Low inflation, high growth seen this year
The Philippines will likely return to a high-growth, low-inflation regime this year, allowing the local stock barometer to recover to as high as 8,800 after a challenging period last year, local investment house First Metro Investment Corp. said.
In a separate research note, however, Dutch financial giant ING said Philippine growth might hit a speedbump in the next two quarters with still-high levels of inflation and higher borrowing expected to somewhat sap both consumption and investment momentum.
In a joint briefing with the University of Asia and the Pacific (UA&P) on Tuesday, FMIC said the Philippine domestic economy could expand by at least 6.8 percent to as high as 7.2 percent this year as slower inflation boosts consumer spending.
The inflation rate is seen to ease to 3 to 3.5 percent this year —back to the government’s target range of 2-4 percent—as food supply normalizes while global crude oil prices enter bearish territory.
“The Philippine economy is again in a growth trajectory. Apart from the country’s strong macroeconomic fundamentals and expected inflation easing this year, another important factor in pushing economic growth is the continued policy reform drive of the Duterte administration, which includes tax reform, corruption and red tape reduction, broadening the base of the financial system and facilitation of new and disruptive technologies,” FMIC president Rabboni Francis Arjonillo said.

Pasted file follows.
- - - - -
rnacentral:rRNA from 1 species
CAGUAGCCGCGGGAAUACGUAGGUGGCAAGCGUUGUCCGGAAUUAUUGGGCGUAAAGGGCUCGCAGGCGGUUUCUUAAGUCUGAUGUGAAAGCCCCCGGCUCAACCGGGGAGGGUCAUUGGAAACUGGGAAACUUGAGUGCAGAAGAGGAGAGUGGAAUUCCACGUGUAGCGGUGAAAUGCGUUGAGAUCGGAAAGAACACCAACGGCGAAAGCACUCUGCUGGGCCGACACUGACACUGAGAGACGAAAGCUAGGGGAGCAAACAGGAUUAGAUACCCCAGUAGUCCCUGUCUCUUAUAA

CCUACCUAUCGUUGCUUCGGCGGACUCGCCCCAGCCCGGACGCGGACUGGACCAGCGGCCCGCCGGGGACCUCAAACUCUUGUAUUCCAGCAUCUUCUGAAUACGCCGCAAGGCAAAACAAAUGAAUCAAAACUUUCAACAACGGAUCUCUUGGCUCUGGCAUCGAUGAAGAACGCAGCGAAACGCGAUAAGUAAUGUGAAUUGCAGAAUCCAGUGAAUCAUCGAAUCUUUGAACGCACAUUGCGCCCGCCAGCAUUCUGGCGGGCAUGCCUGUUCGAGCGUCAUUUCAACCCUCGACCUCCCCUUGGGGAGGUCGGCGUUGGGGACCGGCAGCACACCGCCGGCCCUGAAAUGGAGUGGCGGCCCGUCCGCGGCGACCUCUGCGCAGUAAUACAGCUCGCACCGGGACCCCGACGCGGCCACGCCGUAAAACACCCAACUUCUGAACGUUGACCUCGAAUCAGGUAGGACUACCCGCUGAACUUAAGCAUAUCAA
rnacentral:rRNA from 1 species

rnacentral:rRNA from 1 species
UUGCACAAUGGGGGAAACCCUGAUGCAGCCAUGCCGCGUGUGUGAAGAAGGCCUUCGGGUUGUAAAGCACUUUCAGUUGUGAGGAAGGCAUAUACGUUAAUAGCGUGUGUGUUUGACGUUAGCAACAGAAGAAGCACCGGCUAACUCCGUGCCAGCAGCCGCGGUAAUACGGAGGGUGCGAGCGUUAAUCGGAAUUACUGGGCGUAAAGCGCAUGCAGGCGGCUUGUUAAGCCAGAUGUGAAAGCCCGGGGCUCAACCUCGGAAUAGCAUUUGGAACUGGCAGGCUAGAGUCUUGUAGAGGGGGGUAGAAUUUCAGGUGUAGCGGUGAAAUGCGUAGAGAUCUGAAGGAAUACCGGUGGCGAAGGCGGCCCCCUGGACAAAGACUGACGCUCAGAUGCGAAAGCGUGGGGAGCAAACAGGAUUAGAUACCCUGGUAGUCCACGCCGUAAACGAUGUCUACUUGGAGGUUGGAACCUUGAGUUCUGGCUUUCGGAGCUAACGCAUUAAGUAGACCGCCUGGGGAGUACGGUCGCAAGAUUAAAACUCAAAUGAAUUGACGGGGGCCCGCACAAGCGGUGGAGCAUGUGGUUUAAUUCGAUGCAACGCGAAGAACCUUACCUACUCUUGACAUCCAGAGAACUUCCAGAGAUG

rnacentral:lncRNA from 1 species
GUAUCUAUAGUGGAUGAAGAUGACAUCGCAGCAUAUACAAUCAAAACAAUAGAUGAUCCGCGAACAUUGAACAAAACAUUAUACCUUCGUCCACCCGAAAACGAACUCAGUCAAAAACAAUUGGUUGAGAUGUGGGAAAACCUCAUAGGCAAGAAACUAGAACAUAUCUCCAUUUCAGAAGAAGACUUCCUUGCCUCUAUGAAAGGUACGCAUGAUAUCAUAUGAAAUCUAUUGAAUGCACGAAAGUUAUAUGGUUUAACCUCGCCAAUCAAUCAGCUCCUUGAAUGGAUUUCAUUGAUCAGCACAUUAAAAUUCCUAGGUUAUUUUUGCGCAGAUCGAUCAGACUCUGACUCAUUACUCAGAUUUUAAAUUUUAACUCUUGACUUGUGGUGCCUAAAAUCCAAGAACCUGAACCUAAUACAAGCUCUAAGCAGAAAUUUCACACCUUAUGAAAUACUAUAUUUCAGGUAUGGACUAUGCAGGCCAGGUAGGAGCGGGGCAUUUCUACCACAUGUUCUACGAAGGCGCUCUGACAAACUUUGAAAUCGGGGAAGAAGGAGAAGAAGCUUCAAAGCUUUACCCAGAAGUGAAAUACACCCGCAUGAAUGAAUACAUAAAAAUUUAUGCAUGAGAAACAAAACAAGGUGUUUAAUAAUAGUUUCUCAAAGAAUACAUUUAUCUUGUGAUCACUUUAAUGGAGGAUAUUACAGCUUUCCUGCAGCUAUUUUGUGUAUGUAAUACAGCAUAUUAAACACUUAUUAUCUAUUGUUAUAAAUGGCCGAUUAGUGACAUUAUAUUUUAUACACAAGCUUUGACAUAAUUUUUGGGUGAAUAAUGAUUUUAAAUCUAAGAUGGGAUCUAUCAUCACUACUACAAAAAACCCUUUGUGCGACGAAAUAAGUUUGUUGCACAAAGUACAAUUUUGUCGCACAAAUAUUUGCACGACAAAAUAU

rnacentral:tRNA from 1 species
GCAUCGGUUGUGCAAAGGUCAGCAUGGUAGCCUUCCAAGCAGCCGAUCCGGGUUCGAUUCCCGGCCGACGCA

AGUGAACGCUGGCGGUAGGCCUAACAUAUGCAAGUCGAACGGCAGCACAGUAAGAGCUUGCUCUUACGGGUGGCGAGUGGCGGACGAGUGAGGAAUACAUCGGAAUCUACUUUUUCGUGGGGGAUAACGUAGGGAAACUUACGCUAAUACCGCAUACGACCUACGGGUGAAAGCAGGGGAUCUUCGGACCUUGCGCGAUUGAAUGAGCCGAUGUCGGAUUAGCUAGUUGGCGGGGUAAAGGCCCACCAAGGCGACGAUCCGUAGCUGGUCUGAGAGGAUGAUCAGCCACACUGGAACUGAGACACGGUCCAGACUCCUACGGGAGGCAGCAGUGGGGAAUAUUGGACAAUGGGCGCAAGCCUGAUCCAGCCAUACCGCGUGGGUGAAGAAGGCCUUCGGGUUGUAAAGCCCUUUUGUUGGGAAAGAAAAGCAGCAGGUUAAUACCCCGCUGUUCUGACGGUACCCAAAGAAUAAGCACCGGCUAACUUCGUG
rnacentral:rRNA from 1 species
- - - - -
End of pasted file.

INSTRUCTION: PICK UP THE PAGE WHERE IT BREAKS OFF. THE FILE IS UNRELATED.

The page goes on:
A recovery in manufacturing, rising tourist arrivals and mid-term election spending are also seen to contribute to faster growth this year.
The country’s gross domestic product (GDP) grew by only 6.1 percent year-on-year in the third quarter of 2018, bringing the nine-month average growth to 6.3 percent. Full-year inflation in 2018 averaged at 5.2 percent due to the upsurge in global oil prices, adjustment of taxes on petroleum and rice supply bottlenecks.
With the declining inflation, Arjonillo said local interest rates could ease by around 50 basis points this year alongside expectation of slower policy rate hikes by the US Federal Reserve and possible monetary easing by the Bangko Sentral ng Pilipinas, which is seen to slash its reserve requirement by 200 basis points this year and possibly even cut the overnight borrowing rate by 25 basis points.
For its part, ING sees Philippine GDP growing by only 5.8 percent this first quarter, by 6.1 percent in the second and third quarters and 6.2 percent in the fourth quarter.
It still expects inflation to be relatively high, averaging at 3.9 percent in the first quarter, 4.8 percent in the second quarter, 6.3 percent in the third quarter and 5.9 percent in the fourth quarter.
“Government spending, which has recently been a key source of growth, is expected to struggle in first half 2019 with an election ban preventing fresh projects and a delay in passing the budget likely to halt last year’s strong growth,” ING said in a research note issued on Tuesday.
“But with inflation expected to slip back within target in first half and the BSP expected to ease, GDP growth momentum may be rekindled to close out the year,” it added.
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